2017 Western Spring Fling travel blog

Tallgrass Prairie National Preserve

The "ranch house"

View from the front porch

Inside the house

The 3-holer made out of sandstone

The massive stair post and railings

I guess this isn't a historically accurate sign

The lone horse in the limestone barn corral

Driving up to the Fox Creek School

Cottonwood Falls - the Mill is gone

Chase County Courthouse

Grand Central Hotel

Flint Hills Filet of Sirloin


Before leaving on this trip I got a book by William Least Heat-Moon called PrairyErth:A Deep Map and have been reading it off and on the last couple of months. It focuses on one county in Kansas, Chase County, in the Flint Hills. His description of the tallgrass prairie remnants, the people and towns of Chase County led me to schedule a stop in this area. On Saturday we drove a portion of the Flint Hills Scenic Byway. It cuts diagonally across the Flint Hills area which stretches from northeastern Kansas to north central Oklahoma. The area contains some of the last remnants of the tallgrass prairie that used to extend as far north as Manitoba and east into Illinois. Because of the rocky soil, early settlers were unable to plow the area which resulted in the predominance of cattle ranches that surround the Flint Hills Scenic Byway and to some extent preserved the tallgrass prairie. We stopped at the Tallgrass Prairie National Preserve, a new type of National Park that is a public/private partnership between the National Park Service and The Nature Conservancy. The reserve encompasses nearly 11,000 acres much of which was part of a ranch established in 1881. The developed area of the preserve includes the historic ranch house, limestone barn, several outbuildings, and one-room schoolhouse. We did the self-guided tour of the ranch house which was quite an elegant place for being built in the late 19th Century way out on the prairie. It was four floors with a center staircase and railing made out of solid walnut. It even had a 3-hole out house.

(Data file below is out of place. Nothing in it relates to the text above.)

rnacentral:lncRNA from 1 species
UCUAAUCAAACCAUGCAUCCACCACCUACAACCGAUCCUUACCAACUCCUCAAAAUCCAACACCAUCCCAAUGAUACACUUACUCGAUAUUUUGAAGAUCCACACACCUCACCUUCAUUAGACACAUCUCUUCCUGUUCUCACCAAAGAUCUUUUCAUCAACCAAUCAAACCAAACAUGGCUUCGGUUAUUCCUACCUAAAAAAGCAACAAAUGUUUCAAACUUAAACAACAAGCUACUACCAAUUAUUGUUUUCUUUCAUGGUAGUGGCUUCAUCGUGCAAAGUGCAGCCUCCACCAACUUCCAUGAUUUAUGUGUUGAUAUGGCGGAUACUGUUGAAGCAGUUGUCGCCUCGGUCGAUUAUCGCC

We went to Cottonwood Falls, the county seat, on the Cottonwood River. The Courthouse in town is the oldest courthouse in continual use in Kansas. Things were pretty quite for a Saturday evening, but the Grand Central Hotel was open for dinner. The hotel, built in 1884 and remodeled in 1995, features the original brick walls and stockyard brick flooring. It used to be the Cottonwood Falls Hotel and according to PrairyErth it "sold for forty dollars" in the early '90's. We're still in Kansas so it was time for beef again. I had the Flint Hills Filet of Sirloin and Sue had Sterling Silver Prime Rib. Both were delicious. I got bread pudding to take home for dessert.

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